Our boys have grown up knowing the military with the typical branch teasing and preference to go Navy/Marines from their dad. I come from a long line of Navy men. We’ve visited CG bases and they didn’t seem interested but anything is possible. I told him following the “general advice 9-12” is a good idea for wherever he may decide to go/apply later on.

He took foreign language in middle school and is already enrolled to continue with it in high school. He’s taking AP US History, too. That was all done before USNA got on his radar luckily.

Crew was the focus of my post simply because that is our current stepping stone to figure out. Military is something that has been discussed as a future for pretty much their entire lives.
 
Lots of things can change during 4 yrs of high school. What seems interesting now may not in the future. I would encourage your son to do things that help him grow as a person and contribute to the success of his school. Build a resume that would be of value regardless of which college he decides to apply to. Many more apply to SA's then get selected so it is also good to consider your Plan B options. While it is fine to pursue a sport to help pay for one's college education, it shouldn't be the only factor to consider. No one pays any tuition to attend USNA (or any SA), so their main goal needs to be an interest in being an officer in the military. Even those who are 110% sure this is the right choice can struggle with all of the demands placed on them.

Being recruited for a sport at an SA is no guarantee you will also get an appointment. Many older threads about that.
 
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Sounds likel your child has the desire to serve in the military. That is most important if wanting to attend a SA. Secondly wanting to row is also desired which can be done at many of the Academies as listed by Captmj.
So then your question is about being recruited to row. That has many variables that no one here can likely answer.

More importantly is that your child does everything in their power to be a highly qualified applicant to the SA. Even if “recruited” everyone must be fully qualified to be appointed. Rowing can also be a walk on sport so that opportunity will be there regardless as long as the appointment comes. So continue to work on all things that lead to the goal of an appointment.
 
I'm heavyweight rower at Navy. I read your thread title and I was immediately pumped up.

As Capt MJ pointed, the crew summer camps are a good way to start. They will provide your son a decent exposure to what Navy rowing is like. If you would like to get in contact with a coach for recruitment then I would recommend emailing the assistant/recruiting coach whose contact info can be found here: https://navysports.com/sports/mens-rowing/roster#sidearm-roster-coaches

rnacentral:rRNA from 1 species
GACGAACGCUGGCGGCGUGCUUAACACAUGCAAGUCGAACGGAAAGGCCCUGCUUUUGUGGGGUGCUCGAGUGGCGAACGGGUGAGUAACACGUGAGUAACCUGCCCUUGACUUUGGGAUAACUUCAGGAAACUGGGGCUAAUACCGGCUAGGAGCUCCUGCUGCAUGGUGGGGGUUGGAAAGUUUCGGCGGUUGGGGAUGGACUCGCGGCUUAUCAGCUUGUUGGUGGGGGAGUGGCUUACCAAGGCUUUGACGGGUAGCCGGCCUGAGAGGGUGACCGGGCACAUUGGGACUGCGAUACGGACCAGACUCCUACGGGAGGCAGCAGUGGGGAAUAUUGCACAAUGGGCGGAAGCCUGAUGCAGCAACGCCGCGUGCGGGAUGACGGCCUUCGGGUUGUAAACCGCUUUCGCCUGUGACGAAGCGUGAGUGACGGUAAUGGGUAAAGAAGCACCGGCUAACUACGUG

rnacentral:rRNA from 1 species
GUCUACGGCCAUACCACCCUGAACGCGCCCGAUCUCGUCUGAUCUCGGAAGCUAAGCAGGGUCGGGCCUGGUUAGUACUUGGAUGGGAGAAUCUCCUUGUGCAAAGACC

Your son might also consider DMing the heavyweight instagram page which is run by the assistant coach.

Important to note that the team is currently in championship season with preparing for IRAs so coaches are probably busy. I would not expect a quick response but you should make the effort to reach out eventually.

When your son is a junior or senior, I suggest they spend an overnight at the academy. This can happen either through a Candidate Visit Weekend or a recruitment visit if they get recruited. This will be a great opportunity for him to see what Navy rowing is truly like during the ac year.

If your son is not recruited then it's okay. Navy accepts a lot of walk-ons. I'm one myself. Had no idea what rowing was before I came here. Advise him to stay in good shape, he knows what good rowing shape is. He should ensure that he wants to commission as an officer because that's what matters at the end of the day.

If you or your son have any further questions then feel free to DM me. I would be happy to answer them.
 
I just went through the recruiting process for USNA. They have very few recruitment slots beyond the 2k requirements (they told me sub 6:35 for lightweight, and HW is sub 6:25-20). I talked to a guy who got recruited LW to Navy from my crew team and I was told that they have roughly 3 recruitment slots. I was also told it was highly unlikely they would use a slot on someone who had the academics to get in on their own.